Fahrenheit 9-11 (15)

Written and Directed by Michael Moore
Screening at FACT and UGC from 9th July 2004

Reviewed by Adam Ford

It’s fair to say Michael Moore's long-awaited one-man hatchet job on George W Bush has gained a huge amount of publicity prior to its UK release. In May it won the prestigious Palme d'Or for Best Picture at the Cannes Film Festival, and on its first weekend it made nearly $25,000,000 in the US, making it the highest grossing documentary ever made. So to say that Moore's British fans have been excited is a slight understatement. Amazingly, this film delivers everything they could have hoped for.

Moore's strategy has always been to make politics entertaining and accessible, to make tough subjects fun without undermining the seriousness of the issues. In 2002's Bowling For Columbine, he did this to great effect, getting up to lots of high jinks and cracking jokes whilst maintaining respect for those who lost their lives in the 1999 high school shootings. Though there is the odd humorous moment in Fahrenheit, the sheer scale of the atrocities represented forced Moore to tone down his act, and the result is a far more sober and powerful piece of filmmaking. To a large extent Moore gets out of the way, giving the politicians enough rope to hang themselves whilst sensitively portraying bereaved US and Iraqi families.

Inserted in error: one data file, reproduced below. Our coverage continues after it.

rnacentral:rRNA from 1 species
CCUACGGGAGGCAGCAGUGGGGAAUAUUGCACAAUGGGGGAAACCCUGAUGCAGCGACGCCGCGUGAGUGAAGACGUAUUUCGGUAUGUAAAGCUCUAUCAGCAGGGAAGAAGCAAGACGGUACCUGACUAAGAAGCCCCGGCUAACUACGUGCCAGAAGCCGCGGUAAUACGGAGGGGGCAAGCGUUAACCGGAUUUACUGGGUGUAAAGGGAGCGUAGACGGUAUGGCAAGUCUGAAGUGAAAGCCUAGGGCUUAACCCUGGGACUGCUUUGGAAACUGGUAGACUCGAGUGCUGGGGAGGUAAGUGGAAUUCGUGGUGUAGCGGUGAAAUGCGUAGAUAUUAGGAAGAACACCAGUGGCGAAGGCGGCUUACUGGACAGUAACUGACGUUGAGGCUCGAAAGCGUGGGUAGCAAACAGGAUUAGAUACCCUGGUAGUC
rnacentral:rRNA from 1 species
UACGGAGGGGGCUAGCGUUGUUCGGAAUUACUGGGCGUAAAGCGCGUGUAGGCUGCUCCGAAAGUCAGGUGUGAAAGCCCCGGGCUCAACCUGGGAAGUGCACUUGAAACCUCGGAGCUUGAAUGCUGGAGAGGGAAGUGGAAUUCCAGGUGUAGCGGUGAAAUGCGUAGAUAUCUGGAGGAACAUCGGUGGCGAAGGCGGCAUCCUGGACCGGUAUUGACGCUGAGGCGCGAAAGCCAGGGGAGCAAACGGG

In satirizing targets across the American political landscape Bowling For Columbine allowed some to squirm off the hook, but Fahrenheit is far more focussed, relentlessly pummelling Bush’s regime with revelation after revelation. Beginning with its controversial seizure of power, Fahrenheit takes in the shady behind the scenes dealing prior to September 11th, before dissecting the draconian PATRIOT Act and the invasions of Iraq and Afghanistan.

By turns a tragi-comedy, gangster flick and real life horror movie, this is far more engaging than the average documentary. Unfortunately, two hours of such intense emotion is too much for the viewer to take in, and far fewer eyes would have glazed over if it were three quarters of its length.

"Was it all just a dream?" Moore asks incredulously, and indeed if it were fiction you wouldn't believe it. Many on the American right still refuse to believe it, but their hysterical rants have merely fuelled Michael Moore's publicity machine. The birth of our new millennium has been a horrific affair, and Fahrenheit 9-11 is its captivating portrayal. As such, it is must see cinema for anyone who longs for a brighter future.